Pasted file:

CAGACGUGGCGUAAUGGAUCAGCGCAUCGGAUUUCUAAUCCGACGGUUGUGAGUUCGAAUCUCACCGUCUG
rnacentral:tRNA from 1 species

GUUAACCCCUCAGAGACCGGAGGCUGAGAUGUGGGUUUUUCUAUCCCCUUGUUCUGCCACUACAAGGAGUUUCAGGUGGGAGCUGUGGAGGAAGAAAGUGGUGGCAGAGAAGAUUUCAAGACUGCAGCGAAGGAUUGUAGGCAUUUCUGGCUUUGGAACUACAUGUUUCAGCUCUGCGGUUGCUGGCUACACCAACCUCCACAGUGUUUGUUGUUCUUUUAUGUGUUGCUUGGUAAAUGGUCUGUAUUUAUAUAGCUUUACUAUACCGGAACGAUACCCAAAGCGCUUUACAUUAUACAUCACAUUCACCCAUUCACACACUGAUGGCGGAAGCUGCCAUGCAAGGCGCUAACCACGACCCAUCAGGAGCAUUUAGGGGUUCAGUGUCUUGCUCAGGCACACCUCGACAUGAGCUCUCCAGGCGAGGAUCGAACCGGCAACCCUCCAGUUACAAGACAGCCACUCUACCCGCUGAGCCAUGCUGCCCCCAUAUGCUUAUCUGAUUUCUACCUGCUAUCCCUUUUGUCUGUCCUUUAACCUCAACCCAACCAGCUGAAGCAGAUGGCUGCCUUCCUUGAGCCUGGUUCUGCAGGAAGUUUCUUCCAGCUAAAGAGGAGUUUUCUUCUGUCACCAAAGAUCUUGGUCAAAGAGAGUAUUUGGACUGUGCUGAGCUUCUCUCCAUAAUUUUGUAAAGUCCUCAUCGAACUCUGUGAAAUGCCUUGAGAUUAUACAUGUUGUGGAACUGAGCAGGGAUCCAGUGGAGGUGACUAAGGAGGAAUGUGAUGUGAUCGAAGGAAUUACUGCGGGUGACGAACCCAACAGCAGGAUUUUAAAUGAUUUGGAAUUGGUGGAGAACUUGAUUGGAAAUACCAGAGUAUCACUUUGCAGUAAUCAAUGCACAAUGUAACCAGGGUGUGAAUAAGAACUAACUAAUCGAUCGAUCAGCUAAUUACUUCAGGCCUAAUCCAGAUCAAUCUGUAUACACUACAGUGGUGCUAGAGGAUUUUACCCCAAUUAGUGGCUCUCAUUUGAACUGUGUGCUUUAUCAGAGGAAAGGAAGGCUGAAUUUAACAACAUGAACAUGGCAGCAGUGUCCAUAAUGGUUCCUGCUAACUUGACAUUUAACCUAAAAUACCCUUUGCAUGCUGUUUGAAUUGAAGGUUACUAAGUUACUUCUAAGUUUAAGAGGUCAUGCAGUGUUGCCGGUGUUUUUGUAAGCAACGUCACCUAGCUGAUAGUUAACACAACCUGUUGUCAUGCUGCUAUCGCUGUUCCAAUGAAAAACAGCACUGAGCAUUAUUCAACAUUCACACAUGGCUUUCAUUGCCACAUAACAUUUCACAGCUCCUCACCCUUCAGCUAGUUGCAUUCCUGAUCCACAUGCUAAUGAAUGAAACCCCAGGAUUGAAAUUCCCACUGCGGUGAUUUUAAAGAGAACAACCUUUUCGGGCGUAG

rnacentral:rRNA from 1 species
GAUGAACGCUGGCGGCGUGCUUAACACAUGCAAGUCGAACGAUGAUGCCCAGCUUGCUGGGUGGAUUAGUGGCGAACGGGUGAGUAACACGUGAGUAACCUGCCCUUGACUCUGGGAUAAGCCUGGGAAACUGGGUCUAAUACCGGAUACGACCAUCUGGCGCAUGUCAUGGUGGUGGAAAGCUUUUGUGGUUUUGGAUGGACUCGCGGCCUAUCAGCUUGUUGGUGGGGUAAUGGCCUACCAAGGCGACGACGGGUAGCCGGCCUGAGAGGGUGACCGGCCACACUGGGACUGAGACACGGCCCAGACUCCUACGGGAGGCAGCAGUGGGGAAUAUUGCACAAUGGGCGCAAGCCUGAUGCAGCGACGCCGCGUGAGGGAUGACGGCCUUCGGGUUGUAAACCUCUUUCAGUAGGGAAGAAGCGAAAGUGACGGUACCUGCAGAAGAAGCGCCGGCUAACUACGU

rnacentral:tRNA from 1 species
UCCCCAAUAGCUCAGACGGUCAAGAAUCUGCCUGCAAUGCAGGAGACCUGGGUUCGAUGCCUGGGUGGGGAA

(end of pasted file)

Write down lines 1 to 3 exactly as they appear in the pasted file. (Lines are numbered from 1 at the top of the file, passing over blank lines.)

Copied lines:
CAGACGUGGCGUAAUGGAUCAGCGCAUCGGAUUUCUAAUCCGACGGUUGUGAGUUCGAAUCUCACCGUCUG
rnacentral:tRNA from 1 species

GUUAACCCCUCAGAGACCGGAGGCUGAGAUGUGGGUUUUUCUAUCCCCUUGUUCUGCCACUACAAGGAGUUUCAGGUGGGAGCUGUGGAGGAAGAAAGUGGUGGCAGAGAAGAUUUCAAGACUGCAGCGAAGGAUUGUAGGCAUUUCUGGCUUUGGAACUACAUGUUUCAGCUCUGCGGUUGCUGGCUACACCAACCUCCACAGUGUUUGUUGUUCUUUUAUGUGUUGCUUGGUAAAUGGUCUGUAUUUAUAUAGCUUUACUAUACCGGAACGAUACCCAAAGCGCUUUACAUUAUACAUCACAUUCACCCAUUCACACACUGAUGGCGGAAGCUGCCAUGCAAGGCGCUAACCACGACCCAUCAGGAGCAUUUAGGGGUUCAGUGUCUUGCUCAGGCACACCUCGACAUGAGCUCUCCAGGCGAGGAUCGAACCGGCAACCCUCCAGUUACAAGACAGCCACUCUACCCGCUGAGCCAUGCUGCCCCCAUAUGCUUAUCUGAUUUCUACCUGCUAUCCCUUUUGUCUGUCCUUUAACCUCAACCCAACCAGCUGAAGCAGAUGGCUGCCUUCCUUGAGCCUGGUUCUGCAGGAAGUUUCUUCCAGCUAAAGAGGAGUUUUCUUCUGUCACCAAAGAUCUUGGUCAAAGAGAGUAUUUGGACUGUGCUGAGCUUCUCUCCAUAAUUUUGUAAAGUCCUCAUCGAACUCUGUGAAAUGCCUUGAGAUUAUACAUGUUGUGGAACUGAGCAGGGAUCCAGUGGAGGUGACUAAGGAGGAAUGUGAUGUGAUCGAAGGAAUUACUGCGGGUGACGAACCCAACAGCAGGAUUUUAAAUGAUUUGGAAUUGGUGGAGAACUUGAUUGGAAAUACCAGAGUAUCACUUUGCAGUAAUCAAUGCACAAUGUAACCAGGGUGUGAAUAAGAACUAACUAAUCGAUCGAUCAGCUAAUUACUUCAGGCCUAAUCCAGAUCAAUCUGUAUACACUACAGUGGUGCUAGAGGAUUUUACCCCAAUUAGUGGCUCUCAUUUGAACUGUGUGCUUUAUCAGAGGAAAGGAAGGCUGAAUUUAACAACAUGAACAUGGCAGCAGUGUCCAUAAUGGUUCCUGCUAACUUGACAUUUAACCUAAAAUACCCUUUGCAUGCUGUUUGAAUUGAAGGUUACUAAGUUACUUCUAAGUUUAAGAGGUCAUGCAGUGUUGCCGGUGUUUUUGUAAGCAACGUCACCUAGCUGAUAGUUAACACAACCUGUUGUCAUGCUGCUAUCGCUGUUCCAAUGAAAAACAGCACUGAGCAUUAUUCAACAUUCACACAUGGCUUUCAUUGCCACAUAACAUUUCACAGCUCCUCACCCUUCAGCUAGUUGCAUUCCUGAUCCACAUGCUAAUGAAUGAAACCCCAGGAUUGAAAUUCCCACUGCGGUGAUUUUAAAGAGAACAACCUUUUCGGGCGUAG